Syracuse (RPI: 84, KenPom: 48, first four out): Did the Orange just lock up their NCAA tournament bid? It’s going to be close, after John Gillon banked in a 23-foot three at the buzzer to send No. 10 Duke back to Durham with a loss. Here’s how it stands for the Orange: They’s 17-12 on the season and guaranteed to finish at least .500 in ACC play. They now have six top 50 wins and nine top 100 wins, but they also have three losses to sub-100 teams, 12 total losses and they play at Louisville on Saturday. The road hasn’t been kind to Syracuse, either; they’ve won just two roadies this season, at N.C. State and at Clemson.

Providence (RPI: 69, KenPom: 58, first four out): All of a sudden, Providence is one of the most interesting bubble teams in the country. Last week they beat Butler and Xavier at home, and on Wednesday night, they went into Creighton and picked off the Bluejays. The Friars are now 17-11 on the season with five top 50 wins, including three in the top 25. They are 8-8 against the top 100, but the problem is that they have one sub-100 loss and two more sub-200 losses, which is really, really bad. They won the games that they had to win to get themselves into this position, but I still would strongly recommend that they win out down the stretch.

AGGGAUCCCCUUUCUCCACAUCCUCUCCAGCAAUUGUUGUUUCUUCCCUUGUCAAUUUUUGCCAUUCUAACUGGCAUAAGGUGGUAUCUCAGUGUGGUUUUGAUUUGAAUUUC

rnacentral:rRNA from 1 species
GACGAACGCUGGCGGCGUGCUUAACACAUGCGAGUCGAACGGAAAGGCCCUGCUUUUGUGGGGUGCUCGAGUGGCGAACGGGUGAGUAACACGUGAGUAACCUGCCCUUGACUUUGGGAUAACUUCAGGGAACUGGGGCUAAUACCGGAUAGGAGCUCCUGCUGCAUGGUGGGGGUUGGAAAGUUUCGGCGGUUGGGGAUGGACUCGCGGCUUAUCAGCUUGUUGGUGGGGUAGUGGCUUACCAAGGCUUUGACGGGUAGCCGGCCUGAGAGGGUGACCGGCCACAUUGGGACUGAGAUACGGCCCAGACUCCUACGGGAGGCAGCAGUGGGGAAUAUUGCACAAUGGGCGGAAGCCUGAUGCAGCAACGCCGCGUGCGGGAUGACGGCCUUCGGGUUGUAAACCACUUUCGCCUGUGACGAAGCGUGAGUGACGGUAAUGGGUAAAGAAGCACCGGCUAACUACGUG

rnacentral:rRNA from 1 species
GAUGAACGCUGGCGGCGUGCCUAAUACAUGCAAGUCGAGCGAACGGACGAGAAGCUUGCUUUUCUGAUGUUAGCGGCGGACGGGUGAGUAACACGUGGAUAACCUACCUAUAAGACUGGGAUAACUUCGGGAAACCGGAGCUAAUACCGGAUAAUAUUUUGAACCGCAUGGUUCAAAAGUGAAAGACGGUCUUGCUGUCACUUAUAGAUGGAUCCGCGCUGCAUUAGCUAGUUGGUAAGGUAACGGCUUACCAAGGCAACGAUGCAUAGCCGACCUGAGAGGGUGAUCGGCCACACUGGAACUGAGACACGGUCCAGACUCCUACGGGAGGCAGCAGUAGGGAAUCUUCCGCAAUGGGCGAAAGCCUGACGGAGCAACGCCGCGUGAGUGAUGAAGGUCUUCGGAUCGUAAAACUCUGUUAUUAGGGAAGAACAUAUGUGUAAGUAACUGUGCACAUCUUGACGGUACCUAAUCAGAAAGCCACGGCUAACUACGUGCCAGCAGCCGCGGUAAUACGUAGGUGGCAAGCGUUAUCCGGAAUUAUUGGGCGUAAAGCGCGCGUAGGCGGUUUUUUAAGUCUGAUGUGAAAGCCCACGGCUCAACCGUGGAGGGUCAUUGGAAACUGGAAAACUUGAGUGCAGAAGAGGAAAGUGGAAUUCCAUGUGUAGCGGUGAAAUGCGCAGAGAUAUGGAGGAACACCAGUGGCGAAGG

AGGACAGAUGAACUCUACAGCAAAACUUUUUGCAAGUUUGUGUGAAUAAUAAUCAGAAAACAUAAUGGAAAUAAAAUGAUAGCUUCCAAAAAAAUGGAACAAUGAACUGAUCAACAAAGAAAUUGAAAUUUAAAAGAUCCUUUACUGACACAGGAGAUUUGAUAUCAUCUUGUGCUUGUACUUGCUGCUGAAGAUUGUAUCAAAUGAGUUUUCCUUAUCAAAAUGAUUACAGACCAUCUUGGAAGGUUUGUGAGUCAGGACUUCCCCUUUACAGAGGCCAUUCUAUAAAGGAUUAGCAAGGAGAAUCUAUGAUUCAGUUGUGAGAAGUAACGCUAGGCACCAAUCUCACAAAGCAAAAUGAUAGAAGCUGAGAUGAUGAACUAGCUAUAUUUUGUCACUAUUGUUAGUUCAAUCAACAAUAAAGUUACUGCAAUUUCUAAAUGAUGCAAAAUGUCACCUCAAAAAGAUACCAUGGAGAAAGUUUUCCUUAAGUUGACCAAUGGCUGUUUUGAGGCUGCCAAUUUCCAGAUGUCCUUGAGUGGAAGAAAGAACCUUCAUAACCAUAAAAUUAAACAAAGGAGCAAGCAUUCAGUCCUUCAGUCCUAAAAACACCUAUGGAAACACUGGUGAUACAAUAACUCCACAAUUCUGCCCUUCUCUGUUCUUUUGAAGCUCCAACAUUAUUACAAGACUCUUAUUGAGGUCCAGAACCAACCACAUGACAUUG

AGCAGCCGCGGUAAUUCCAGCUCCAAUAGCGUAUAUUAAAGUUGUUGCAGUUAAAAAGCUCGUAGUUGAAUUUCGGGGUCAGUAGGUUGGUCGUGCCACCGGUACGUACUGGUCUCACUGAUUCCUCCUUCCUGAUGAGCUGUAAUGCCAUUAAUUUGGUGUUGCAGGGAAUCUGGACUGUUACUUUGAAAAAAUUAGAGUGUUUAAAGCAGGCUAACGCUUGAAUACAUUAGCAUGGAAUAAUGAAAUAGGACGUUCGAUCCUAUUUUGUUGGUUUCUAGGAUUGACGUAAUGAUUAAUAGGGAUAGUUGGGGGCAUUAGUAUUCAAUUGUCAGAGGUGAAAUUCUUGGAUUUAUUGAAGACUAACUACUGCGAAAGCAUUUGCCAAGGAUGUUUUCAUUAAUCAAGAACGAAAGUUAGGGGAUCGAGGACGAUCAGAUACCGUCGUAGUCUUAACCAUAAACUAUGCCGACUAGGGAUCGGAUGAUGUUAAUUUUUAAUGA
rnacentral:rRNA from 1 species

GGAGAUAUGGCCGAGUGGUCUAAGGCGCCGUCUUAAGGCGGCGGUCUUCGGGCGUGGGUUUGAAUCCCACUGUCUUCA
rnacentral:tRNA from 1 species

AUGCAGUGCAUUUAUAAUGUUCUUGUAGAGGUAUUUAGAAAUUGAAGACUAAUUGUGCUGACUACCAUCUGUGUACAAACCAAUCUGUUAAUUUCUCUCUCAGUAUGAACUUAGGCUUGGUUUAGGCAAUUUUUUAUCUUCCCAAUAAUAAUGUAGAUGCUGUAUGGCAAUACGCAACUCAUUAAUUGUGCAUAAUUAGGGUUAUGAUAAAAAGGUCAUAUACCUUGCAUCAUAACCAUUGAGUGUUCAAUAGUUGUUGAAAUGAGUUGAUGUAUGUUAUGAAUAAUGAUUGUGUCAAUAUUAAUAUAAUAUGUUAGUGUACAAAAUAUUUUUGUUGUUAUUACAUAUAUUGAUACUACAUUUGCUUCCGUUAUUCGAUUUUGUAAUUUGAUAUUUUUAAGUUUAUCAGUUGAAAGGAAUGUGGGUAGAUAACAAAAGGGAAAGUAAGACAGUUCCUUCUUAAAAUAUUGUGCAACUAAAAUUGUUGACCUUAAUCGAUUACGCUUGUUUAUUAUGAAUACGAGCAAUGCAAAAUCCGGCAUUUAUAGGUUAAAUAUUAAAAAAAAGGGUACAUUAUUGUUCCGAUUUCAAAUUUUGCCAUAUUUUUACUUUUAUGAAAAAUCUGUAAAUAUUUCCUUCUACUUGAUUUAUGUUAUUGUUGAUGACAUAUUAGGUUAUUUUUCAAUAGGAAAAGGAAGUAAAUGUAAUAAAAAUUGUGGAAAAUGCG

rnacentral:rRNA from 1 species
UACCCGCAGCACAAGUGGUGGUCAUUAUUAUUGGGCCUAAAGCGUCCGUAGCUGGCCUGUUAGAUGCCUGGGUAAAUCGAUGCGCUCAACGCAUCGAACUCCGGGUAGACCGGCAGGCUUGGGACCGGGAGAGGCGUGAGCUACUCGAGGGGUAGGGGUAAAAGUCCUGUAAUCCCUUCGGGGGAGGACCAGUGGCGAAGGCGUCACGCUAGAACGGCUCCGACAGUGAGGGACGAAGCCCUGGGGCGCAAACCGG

Seton Hall (RPI: 47, KenPom: 59, play-in game): I think the Pirates may have just punched their ticket to the tournament as they beat Xavier at home on Wednesday. They have four top 50 wins — two away from home — and seven top 100 wins with just a single sub-100 loss. I won’t say they’re a lock because a loss to DePaul would not be good for them.

Wake Forest (RPI: 40, KenPom: 31, next four out): The Demon Deacons are still in the tournament picture after landing a comeback win over Pitt on Wednesday night, but they have some work left to do. They have no bad losses and seven top 100 wins, but that 1-9 record against the top 50 is an eyesore. They get Louisville at home next week. That’s a game they have to have.

Arkansas (RPI: 33, KenPom: 51, No. 9 seed): Arkansas kept themselves away from the danger of the cutline and just about locked up a bid with a win over Texas A&M on Wednesday. With three games left, and one of those three at Florida, it will be hard for the Razorbacks to miss the dance at this point. But this is also a team that lost to Missouri. They can pull anything off.